Cat Behavior: Why Cats Bite

why cats bite

Have you ever been sitting beside your cat petting her and suddenly she bit you?  You may think your cat didn’t give you warning before biting, but it’s possible she gave you warning signs you didn’t understand.  There are several reasons why cats bite, here are some of them:

To Stop You From Petting Her  

Overstimulation

Although cats often enjoy being petted, if it’s done for too long and overstimulates them or if the area is sensitive due to arthritis, they will give warning signals, and if not heeded biting may be the end result.  Cats are very sensitive to touch, and so it doesn’t take too long for them to become overstimulated.

Certain Areas May Be Painful To Touch, or Just Doesn’t Feel Good

Sometimes, there are certain areas of the body a cat doesn’t like to have petted.  For example, a cat may be fine being petted on the head, but not enjoy being petted on her back.  Think of it like this, if you are ticklish in a certain spot on your body, and someone touches the spot, it doesn’t feel good and you will ask the person to stop.  If that person continues, don’t you usually take measures to end the tickling?  The same concept applies for cats.

A cat will give warning signs that she’s not enjoying the touch.  Usually it will be sharp flicks of the tail or ears going back.  Watch for these signs, and if you see them, stop petting the cat for a few minutes to give her a chance to relax.

Thinking Hands Are For Playing

Often, cat guardians will use their hands or fingers to play with their cat.  If this becomes a habit, the cat will come to equate hands and/or fingers will toys and bite them as they would a toy.  Rather than use your hands as playthings, redirect your cat to interactive toys so they learn what is appropriate for play.  Wand toys are recommended rather than any type of toy you might hold in your hand.  Cats get pretty excited when playing, and if you’re holding a toy and she accidentally bites your hand when trying to grab the toy, she may not understand that biting your hand was wrong.  Using the wand toy takes that confusion factor out of the picture.

Lack of Mental Stimulation

Does your cat chase and bite your feet when you’re walking?  This may be due to a lack of stimulation.  Cats are hunters at heart that like to stalk their prey.  If they don’t have appropriate outlets for that hunting instinct, they may find it by stalking your feet.  Think about it, your feet are a moving target and your toes are just the right size for a cat to think of as prey.  If your cat exhibits this behavior, try scheduling play sessions using a wand toy.  Look for a toy that resembles a small bird in size to maximize the enjoyment of the hunt for your cat.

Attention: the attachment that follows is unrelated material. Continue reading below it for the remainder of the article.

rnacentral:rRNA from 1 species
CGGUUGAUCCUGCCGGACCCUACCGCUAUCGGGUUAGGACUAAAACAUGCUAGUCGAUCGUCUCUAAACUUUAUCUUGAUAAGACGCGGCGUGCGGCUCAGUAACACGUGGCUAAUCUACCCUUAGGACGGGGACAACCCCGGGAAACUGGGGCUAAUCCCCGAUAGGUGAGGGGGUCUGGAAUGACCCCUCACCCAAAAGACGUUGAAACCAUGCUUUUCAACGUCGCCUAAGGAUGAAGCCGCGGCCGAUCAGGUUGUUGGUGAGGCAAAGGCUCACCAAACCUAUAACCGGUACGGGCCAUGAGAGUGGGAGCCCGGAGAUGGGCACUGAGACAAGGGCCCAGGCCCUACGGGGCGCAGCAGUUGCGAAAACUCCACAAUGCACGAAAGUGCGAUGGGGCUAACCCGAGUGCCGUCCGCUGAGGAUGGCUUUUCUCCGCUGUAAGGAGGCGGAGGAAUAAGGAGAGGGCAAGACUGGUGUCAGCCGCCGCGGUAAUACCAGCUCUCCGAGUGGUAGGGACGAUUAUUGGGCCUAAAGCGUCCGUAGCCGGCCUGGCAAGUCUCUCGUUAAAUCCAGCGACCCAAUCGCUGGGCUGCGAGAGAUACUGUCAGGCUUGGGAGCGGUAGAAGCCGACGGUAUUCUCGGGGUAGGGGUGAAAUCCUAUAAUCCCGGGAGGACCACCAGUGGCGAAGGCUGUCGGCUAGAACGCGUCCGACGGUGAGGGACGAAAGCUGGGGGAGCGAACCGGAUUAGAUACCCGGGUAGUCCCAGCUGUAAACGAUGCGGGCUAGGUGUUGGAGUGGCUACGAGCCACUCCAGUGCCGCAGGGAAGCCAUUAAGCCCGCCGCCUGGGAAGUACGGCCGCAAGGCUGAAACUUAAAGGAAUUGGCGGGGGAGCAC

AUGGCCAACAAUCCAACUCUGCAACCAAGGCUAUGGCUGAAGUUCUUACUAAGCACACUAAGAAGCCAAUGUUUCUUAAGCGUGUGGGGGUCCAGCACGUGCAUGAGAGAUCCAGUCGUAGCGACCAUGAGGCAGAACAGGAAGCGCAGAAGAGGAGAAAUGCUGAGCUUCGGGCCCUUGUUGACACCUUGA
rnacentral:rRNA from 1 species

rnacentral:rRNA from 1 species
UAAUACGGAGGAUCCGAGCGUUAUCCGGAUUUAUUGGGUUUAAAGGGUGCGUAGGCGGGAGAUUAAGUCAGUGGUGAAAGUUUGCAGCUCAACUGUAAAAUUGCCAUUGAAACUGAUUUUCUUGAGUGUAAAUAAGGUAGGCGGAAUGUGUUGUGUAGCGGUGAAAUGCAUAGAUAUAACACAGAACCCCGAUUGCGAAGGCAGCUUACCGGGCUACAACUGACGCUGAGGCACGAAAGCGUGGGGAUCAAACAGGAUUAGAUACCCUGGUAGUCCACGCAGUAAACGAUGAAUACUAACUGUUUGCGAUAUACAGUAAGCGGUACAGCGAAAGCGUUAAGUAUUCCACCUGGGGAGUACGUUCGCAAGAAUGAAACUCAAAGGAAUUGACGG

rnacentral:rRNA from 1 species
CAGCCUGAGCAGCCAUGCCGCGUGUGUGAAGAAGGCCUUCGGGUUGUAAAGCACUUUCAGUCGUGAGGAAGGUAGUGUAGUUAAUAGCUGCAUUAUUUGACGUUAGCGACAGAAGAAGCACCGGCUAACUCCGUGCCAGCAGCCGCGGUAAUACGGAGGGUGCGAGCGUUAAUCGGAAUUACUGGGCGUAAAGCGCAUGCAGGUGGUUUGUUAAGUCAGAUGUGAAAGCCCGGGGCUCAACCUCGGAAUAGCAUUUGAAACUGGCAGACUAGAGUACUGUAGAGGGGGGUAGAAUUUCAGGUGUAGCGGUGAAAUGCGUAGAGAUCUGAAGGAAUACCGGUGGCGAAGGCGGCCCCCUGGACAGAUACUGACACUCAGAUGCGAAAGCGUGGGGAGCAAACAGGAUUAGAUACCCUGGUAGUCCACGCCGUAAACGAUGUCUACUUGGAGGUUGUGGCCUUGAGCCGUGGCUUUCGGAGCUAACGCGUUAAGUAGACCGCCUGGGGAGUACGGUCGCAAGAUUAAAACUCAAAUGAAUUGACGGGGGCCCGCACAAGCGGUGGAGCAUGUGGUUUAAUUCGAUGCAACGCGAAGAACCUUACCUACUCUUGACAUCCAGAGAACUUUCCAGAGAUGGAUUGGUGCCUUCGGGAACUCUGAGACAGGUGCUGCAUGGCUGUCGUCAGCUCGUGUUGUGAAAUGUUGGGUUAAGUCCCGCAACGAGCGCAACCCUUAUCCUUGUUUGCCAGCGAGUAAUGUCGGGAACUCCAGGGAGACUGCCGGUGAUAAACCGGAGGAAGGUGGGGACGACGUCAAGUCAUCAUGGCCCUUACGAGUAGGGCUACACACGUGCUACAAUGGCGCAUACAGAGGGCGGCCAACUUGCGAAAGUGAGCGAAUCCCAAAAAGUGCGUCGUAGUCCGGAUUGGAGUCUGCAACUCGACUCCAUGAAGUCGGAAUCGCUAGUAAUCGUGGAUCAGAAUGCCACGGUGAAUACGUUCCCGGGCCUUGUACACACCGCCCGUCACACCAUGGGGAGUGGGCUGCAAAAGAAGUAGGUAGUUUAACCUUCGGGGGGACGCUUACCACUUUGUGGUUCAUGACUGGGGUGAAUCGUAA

If you’re in the midst of a play session and your cat bites you, stop play. Ignore her for a few minutes rather than reprimand her.  This will show her that biting is not good and will end play time.  If she bites you to try to renew playtime, say “no bite” and ignore her.  When she seems to be calm, reconvene the play session.  If she bites again, stop play and ignore her for a few minutes.  It won’t take her long to figure out if she bites, play will stop.  No self-respecting kitty wants play to stop!

There are many reasons why cats bite. These are some of the most frequent, but may not be all inclusive. If you watch your cat’s body language, it’s often possible to nip the bite in the bud.

Written by Karen

Karen

Karen is Publisher of Fully Feline. She also owns a pet care business in Overland Park, KS called Joy of Living.

4 Responses to "Cat Behavior: Why Cats Bite"

  1. My Sassy girl is a biter! Thankfully she gives us growling warnings when she’s about to strike. The smallest thing will set her off – like if she’s on my lap, and I move (sometimes even just to readjust my position an inch or two), I usually get the warning growls and sometimes a hiss. She’s bossy and doesn’t like it when things aren’t exactly the way she wants them to be! 😉

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    1. I’ve heard female cats have more tendency to be “grumpy” than males(your Sophie is an exception), that’s why I’ve always had males.

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    1. Hmm….does it always happen at the same time, i.e. after you eat, after you’ve taken a shower? Cats are so sensitive to scents, wondering if your cat picks up a scent and likes it.

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